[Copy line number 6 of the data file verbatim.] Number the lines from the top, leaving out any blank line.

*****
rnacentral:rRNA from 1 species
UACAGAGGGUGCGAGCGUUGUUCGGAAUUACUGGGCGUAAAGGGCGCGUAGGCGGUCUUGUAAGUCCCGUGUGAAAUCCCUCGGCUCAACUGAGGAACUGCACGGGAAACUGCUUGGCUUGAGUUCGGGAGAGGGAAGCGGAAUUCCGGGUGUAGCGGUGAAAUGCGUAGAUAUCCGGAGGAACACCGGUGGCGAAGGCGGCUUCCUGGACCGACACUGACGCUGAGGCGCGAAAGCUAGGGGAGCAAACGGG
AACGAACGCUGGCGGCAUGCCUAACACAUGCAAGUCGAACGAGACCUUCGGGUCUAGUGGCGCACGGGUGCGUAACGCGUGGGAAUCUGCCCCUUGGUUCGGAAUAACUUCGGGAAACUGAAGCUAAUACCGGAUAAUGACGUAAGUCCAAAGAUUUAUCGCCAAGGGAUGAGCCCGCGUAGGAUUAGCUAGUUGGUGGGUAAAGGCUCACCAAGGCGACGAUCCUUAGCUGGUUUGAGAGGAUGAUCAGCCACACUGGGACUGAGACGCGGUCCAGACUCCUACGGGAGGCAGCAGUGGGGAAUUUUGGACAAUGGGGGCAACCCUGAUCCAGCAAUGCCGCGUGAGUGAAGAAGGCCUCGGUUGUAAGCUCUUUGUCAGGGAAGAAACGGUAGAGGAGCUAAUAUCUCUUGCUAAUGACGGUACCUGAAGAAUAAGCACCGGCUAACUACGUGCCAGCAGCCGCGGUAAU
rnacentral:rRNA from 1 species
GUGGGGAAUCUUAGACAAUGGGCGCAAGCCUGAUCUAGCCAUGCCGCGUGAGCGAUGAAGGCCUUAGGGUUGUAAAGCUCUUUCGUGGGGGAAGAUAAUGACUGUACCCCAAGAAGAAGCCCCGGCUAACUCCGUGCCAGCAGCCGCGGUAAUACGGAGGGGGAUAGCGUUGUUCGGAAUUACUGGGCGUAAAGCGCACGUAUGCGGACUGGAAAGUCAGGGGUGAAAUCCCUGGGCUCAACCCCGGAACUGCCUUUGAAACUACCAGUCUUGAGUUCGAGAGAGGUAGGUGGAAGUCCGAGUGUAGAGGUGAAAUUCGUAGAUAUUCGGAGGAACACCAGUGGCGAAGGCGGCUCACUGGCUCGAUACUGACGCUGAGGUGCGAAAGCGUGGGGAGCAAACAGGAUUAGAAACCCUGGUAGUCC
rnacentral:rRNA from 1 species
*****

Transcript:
rnacentral:rRNA from 1 species